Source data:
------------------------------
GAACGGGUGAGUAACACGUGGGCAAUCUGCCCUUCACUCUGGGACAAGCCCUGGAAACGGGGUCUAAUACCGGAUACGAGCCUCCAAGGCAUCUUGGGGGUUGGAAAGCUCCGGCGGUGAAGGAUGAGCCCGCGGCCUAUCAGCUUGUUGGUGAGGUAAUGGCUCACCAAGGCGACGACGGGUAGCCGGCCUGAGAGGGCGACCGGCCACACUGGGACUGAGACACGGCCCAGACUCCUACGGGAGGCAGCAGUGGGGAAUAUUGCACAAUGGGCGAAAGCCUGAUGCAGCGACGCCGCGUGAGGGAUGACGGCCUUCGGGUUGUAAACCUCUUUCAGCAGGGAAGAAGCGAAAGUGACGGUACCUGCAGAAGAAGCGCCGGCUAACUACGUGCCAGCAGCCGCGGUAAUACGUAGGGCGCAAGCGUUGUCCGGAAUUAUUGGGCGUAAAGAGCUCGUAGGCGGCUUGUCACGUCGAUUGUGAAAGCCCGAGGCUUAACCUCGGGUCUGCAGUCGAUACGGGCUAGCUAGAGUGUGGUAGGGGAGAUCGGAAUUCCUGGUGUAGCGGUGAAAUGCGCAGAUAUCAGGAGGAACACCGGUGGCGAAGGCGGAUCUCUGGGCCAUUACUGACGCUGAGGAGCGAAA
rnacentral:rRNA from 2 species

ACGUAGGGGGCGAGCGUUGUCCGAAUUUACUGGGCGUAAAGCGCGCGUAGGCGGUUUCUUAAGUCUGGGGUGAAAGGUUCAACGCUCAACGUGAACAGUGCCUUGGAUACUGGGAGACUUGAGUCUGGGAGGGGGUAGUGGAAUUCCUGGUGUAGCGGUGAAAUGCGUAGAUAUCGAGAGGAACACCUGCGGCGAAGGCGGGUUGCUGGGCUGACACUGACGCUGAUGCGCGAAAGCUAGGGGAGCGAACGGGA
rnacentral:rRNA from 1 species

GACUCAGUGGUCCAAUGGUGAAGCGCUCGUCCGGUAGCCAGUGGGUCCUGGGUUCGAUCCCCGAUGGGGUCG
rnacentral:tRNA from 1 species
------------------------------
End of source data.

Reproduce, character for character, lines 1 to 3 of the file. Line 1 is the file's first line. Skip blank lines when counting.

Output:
GAACGGGUGAGUAACACGUGGGCAAUCUGCCCUUCACUCUGGGACAAGCCCUGGAAACGGGGUCUAAUACCGGAUACGAGCCUCCAAGGCAUCUUGGGGGUUGGAAAGCUCCGGCGGUGAAGGAUGAGCCCGCGGCCUAUCAGCUUGUUGGUGAGGUAAUGGCUCACCAAGGCGACGACGGGUAGCCGGCCUGAGAGGGCGACCGGCCACACUGGGACUGAGACACGGCCCAGACUCCUACGGGAGGCAGCAGUGGGGAAUAUUGCACAAUGGGCGAAAGCCUGAUGCAGCGACGCCGCGUGAGGGAUGACGGCCUUCGGGUUGUAAACCUCUUUCAGCAGGGAAGAAGCGAAAGUGACGGUACCUGCAGAAGAAGCGCCGGCUAACUACGUGCCAGCAGCCGCGGUAAUACGUAGGGCGCAAGCGUUGUCCGGAAUUAUUGGGCGUAAAGAGCUCGUAGGCGGCUUGUCACGUCGAUUGUGAAAGCCCGAGGCUUAACCUCGGGUCUGCAGUCGAUACGGGCUAGCUAGAGUGUGGUAGGGGAGAUCGGAAUUCCUGGUGUAGCGGUGAAAUGCGCAGAUAUCAGGAGGAACACCGGUGGCGAAGGCGGAUCUCUGGGCCAUUACUGACGCUGAGGAGCGAAA
rnacentral:rRNA from 2 species

ACGUAGGGGGCGAGCGUUGUCCGAAUUUACUGGGCGUAAAGCGCGCGUAGGCGGUUUCUUAAGUCUGGGGUGAAAGGUUCAACGCUCAACGUGAACAGUGCCUUGGAUACUGGGAGACUUGAGUCUGGGAGGGGGUAGUGGAAUUCCUGGUGUAGCGGUGAAAUGCGUAGAUAUCGAGAGGAACACCUGCGGCGAAGGCGGGUUGCUGGGCUGACACUGACGCUGAUGCGCGAAAGCUAGGGGAGCGAACGGGA